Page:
Patron Saints of the Mexican Drug Underworld (Part 2 of 2)

Some human sacrifices to Santa Muerte have been claimed in Tijuana and Nuevo Laredo in 2006. In 2008, 11 headless bodies were found in the Yucatan and the heads were said to have been burned in honor of Santa Muerte.

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A Prayer to Jesus Malverde

Today before your cross prostrate,

Oh, Malverde my Lord,

I beg your mercy to relieve my pain.

You who dwell in glory,

And you who are so close to God,

Listen to the suffering of this humble fisherman.

Oh, miraculous Malverde,

Oh, Malverde my Lord,

Concede this favor and fill my sprit with joy.

Give me health Lord,

Give me rest,

Give me wellbeing,

And so let it be.

In the second part of this blog, we continue our look at how the Mexican underworld has appropriated and perverted the iconography of Mexican culture and the Catholic faith.

Unorthodox Folk Saints

San Juan Soldado (Saint John the Soldier) was a real person, Juan Castillo Morales, a soldier in the Mexican Army. In 1938, he was convicted for the rape and murder of a young girl in Tijuana. Believers claim that he was an innocent man.

In a strange custom called "La Le Fuga" (the Law of Flight), Juan Soldado was sentenced to face a military firing squad, but he was allowed to run. If he could reach the distance of a thousand meters or so without being killed, he was a free man. Juan was shot running through a cemetery toward the U.S. border.

Later, blood mysteriously began to appear in the spot where Juan was shot. This was witnessed by numerous people. He is now invoked as the unofficial "saint" of illegal aliens, fugitives, and for people seeking safe passage.

"Brother" San Simon was a drunkard and a gambler from Guatemala. He is depicted as a mustached man dressed in a black suit and hat sitting in a chair. Sometimes he holds a staff or cane, smokes a cigar and has coins in his hand. In Guatemala, he is slightly more colorfully dressed and is often crudely carved from wood. He represents a man of the 20th century enjoying worldly things. He is the patron of drunkards and gamblers.

The image of Jesus Malverde comes from the city of Culican Sinaloa, Mexico. There are two different folk stories explaining Jesus Malverde. The first version of the tale is that he was a bandit who was caught by the Federales (Mexican Federal Police). Without a trial he was hung from a tree, cursed, and left to be eaten by vultures.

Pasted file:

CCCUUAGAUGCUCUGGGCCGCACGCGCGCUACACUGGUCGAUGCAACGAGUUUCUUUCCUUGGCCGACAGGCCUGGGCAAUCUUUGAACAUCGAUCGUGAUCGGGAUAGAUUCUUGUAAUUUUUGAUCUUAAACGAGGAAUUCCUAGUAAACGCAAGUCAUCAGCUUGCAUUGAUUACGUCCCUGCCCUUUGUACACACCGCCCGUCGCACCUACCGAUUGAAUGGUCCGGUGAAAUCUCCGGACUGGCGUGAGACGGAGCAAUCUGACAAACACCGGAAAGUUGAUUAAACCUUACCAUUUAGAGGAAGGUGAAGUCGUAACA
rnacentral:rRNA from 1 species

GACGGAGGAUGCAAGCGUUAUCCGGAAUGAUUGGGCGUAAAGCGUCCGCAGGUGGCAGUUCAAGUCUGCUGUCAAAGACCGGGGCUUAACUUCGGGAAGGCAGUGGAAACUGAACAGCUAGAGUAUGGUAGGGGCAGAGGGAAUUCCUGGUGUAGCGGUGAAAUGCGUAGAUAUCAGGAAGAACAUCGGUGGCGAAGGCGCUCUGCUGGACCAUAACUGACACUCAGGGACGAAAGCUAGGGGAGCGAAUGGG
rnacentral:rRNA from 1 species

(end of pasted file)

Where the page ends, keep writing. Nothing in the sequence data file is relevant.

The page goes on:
A poor peon rancher happened to pass the rotting corpse he recognized as Juan Malverde. The poor rancher was looking for his only cow which had wandered away. He invoked the intervention of the bandit promising to give him a proper burial if he would help him recover his prized possession. The cow returned and the poor rancher buried Malverde as he promised, building a small shrine over his grave.

Another folk tale is that bounty hunters shot the "Robin Hood" like bandit. Jesus had been nicknamed Malverde because he had employed the tactic of dressing in green camouflage clothing and hiding in the brush to surprise his victims. Mal in Spanish can be translated bad and verde means green. Though mortally wounded he escaped the bounty hunters and returned to his rancho. He pleaded with his friends to turn in his dead body and split up the reward with the other villagers. This is what they did.[PAGEBREAK]

Bandits and drug smugglers soon began visiting his shrine and invoking his intervention to protect their illegal cargo and other criminal enterprises. They bring gifts of tequila and flowers and hire expensive mariachi bands to serenade his image.

Some drug dealers even observe the "Sabbath of Jesus Malverde" by doing no trafficking on Thursday because they believe this is the day Malverde was killed. Malverde is by far the most common folk "saint" that I have encountered among the Mexican drug traffickers in Los Angeles.